The Gulf nation has executed 55 people so far this year.
Saudi Arabia on Thursday beheaded a Pakistani who attempted to smuggle heroin into the kingdom, the interior ministry said, adding to the more than 50 people executed this year.
“Sanaullah Mohammed Amir was executed in Qatif governorate in Eastern Province today because he tried to smuggle a large quantity of heroin” into the country, said the ministry, quoted by the official Saudi Press Agency.
The sentence against Amir was endorsed by appeal and supreme courts before a royal order was issued to carry it out, the interior ministry said.
His decapitation takes to 55 the number of people beheaded in the ultra-conservative Gulf nation so far this year, compared with 78 people in all of 2013, according to an AFP count.
A United Nations independent expert last week called on Saudi Arabia to implement an immediate moratorium. “Despite several calls by human rights bodies, Saudi Arabia continues to execute individuals with appalling regularity and in flagrant disregard of international law standards,” said Christof Heyns, the U.N. special rapporteur on extrajudicial, summary or arbitrary executions.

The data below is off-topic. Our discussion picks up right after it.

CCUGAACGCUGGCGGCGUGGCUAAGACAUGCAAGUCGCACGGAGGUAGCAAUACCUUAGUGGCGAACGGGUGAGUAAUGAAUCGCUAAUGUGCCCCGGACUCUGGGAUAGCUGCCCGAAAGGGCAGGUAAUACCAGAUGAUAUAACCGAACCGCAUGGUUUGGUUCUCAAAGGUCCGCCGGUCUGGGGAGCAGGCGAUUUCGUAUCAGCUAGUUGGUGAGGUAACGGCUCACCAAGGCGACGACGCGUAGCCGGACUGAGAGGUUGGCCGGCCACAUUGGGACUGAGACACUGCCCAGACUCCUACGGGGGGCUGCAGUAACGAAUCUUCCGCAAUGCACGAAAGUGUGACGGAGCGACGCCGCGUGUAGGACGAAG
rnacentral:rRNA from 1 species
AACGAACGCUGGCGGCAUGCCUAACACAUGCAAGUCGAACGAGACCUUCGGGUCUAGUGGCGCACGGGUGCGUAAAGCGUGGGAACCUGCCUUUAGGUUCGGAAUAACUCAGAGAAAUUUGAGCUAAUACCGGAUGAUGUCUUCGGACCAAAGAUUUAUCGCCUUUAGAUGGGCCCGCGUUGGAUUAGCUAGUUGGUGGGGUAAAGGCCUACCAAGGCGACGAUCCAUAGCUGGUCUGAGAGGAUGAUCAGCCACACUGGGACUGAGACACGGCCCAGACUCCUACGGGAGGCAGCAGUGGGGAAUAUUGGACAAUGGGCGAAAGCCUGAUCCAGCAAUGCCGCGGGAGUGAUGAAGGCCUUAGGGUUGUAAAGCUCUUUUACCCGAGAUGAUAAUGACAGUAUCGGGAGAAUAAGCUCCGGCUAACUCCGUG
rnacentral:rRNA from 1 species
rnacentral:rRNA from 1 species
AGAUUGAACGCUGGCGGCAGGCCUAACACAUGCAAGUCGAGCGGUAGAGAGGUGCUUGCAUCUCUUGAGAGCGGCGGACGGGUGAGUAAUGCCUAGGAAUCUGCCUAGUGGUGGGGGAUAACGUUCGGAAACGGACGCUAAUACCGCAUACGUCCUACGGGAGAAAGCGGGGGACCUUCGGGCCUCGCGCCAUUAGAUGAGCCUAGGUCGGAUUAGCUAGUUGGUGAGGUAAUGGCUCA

“The trials are by all accounts grossly unfair. Defendants are often not allowed a lawyer and death sentences were imposed following confessions obtained under torture.”
Rape, murder, apostasy, armed robbery and drug trafficking are all punishable by death under Saudi Arabia’s strict version of sharia law.